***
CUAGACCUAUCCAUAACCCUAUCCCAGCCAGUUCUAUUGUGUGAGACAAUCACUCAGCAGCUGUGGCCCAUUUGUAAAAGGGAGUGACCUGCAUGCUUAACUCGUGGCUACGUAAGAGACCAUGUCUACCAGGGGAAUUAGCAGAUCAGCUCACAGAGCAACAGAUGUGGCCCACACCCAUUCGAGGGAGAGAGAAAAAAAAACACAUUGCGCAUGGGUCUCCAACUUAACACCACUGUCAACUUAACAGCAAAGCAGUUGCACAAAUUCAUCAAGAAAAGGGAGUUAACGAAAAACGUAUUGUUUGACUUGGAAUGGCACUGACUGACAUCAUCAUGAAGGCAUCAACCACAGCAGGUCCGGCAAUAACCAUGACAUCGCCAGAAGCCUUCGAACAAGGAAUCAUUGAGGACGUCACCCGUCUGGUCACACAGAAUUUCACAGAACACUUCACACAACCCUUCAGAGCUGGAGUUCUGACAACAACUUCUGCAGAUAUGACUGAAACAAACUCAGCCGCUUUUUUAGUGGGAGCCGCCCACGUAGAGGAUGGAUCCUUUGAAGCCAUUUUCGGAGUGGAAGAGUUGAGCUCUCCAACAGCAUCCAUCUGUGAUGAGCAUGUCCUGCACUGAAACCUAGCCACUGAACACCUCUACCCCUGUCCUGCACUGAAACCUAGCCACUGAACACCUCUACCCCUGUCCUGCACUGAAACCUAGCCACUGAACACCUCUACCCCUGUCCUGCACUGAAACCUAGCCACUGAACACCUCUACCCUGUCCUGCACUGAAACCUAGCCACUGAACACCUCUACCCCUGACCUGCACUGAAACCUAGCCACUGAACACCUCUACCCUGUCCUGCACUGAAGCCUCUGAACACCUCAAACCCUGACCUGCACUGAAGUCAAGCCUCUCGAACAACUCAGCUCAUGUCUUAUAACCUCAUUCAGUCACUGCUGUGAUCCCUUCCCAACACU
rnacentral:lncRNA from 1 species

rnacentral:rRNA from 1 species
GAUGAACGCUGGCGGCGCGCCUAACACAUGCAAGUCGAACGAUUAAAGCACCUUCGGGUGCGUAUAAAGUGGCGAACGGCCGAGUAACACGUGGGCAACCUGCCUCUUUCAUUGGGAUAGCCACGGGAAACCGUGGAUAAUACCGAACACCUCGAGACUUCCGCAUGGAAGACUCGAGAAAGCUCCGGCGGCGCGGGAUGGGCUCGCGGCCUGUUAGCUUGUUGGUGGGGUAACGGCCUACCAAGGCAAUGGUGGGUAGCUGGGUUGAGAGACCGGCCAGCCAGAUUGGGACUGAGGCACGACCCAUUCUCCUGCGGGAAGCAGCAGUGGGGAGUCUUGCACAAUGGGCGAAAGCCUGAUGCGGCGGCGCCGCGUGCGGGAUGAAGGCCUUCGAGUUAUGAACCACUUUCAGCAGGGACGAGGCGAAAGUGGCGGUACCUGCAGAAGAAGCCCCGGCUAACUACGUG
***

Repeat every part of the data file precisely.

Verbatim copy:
CUAGACCUAUCCAUAACCCUAUCCCAGCCAGUUCUAUUGUGUGAGACAAUCACUCAGCAGCUGUGGCCCAUUUGUAAAAGGGAGUGACCUGCAUGCUUAACUCGUGGCUACGUAAGAGACCAUGUCUACCAGGGGAAUUAGCAGAUCAGCUCACAGAGCAACAGAUGUGGCCCACACCCAUUCGAGGGAGAGAGAAAAAAAAACACAUUGCGCAUGGGUCUCCAACUUAACACCACUGUCAACUUAACAGCAAAGCAGUUGCACAAAUUCAUCAAGAAAAGGGAGUUAACGAAAAACGUAUUGUUUGACUUGGAAUGGCACUGACUGACAUCAUCAUGAAGGCAUCAACCACAGCAGGUCCGGCAAUAACCAUGACAUCGCCAGAAGCCUUCGAACAAGGAAUCAUUGAGGACGUCACCCGUCUGGUCACACAGAAUUUCACAGAACACUUCACACAACCCUUCAGAGCUGGAGUUCUGACAACAACUUCUGCAGAUAUGACUGAAACAAACUCAGCCGCUUUUUUAGUGGGAGCCGCCCACGUAGAGGAUGGAUCCUUUGAAGCCAUUUUCGGAGUGGAAGAGUUGAGCUCUCCAACAGCAUCCAUCUGUGAUGAGCAUGUCCUGCACUGAAACCUAGCCACUGAACACCUCUACCCCUGUCCUGCACUGAAACCUAGCCACUGAACACCUCUACCCCUGUCCUGCACUGAAACCUAGCCACUGAACACCUCUACCCCUGUCCUGCACUGAAACCUAGCCACUGAACACCUCUACCCUGUCCUGCACUGAAACCUAGCCACUGAACACCUCUACCCCUGACCUGCACUGAAACCUAGCCACUGAACACCUCUACCCUGUCCUGCACUGAAGCCUCUGAACACCUCAAACCCUGACCUGCACUGAAGUCAAGCCUCUCGAACAACUCAGCUCAUGUCUUAUAACCUCAUUCAGUCACUGCUGUGAUCCCUUCCCAACACU
rnacentral:lncRNA from 1 species

rnacentral:rRNA from 1 species
GAUGAACGCUGGCGGCGCGCCUAACACAUGCAAGUCGAACGAUUAAAGCACCUUCGGGUGCGUAUAAAGUGGCGAACGGCCGAGUAACACGUGGGCAACCUGCCUCUUUCAUUGGGAUAGCCACGGGAAACCGUGGAUAAUACCGAACACCUCGAGACUUCCGCAUGGAAGACUCGAGAAAGCUCCGGCGGCGCGGGAUGGGCUCGCGGCCUGUUAGCUUGUUGGUGGGGUAACGGCCUACCAAGGCAAUGGUGGGUAGCUGGGUUGAGAGACCGGCCAGCCAGAUUGGGACUGAGGCACGACCCAUUCUCCUGCGGGAAGCAGCAGUGGGGAGUCUUGCACAAUGGGCGAAAGCCUGAUGCGGCGGCGCCGCGUGCGGGAUGAAGGCCUUCGAGUUAUGAACCACUUUCAGCAGGGACGAGGCGAAAGUGGCGGUACCUGCAGAAGAAGCCCCGGCUAACUACGUG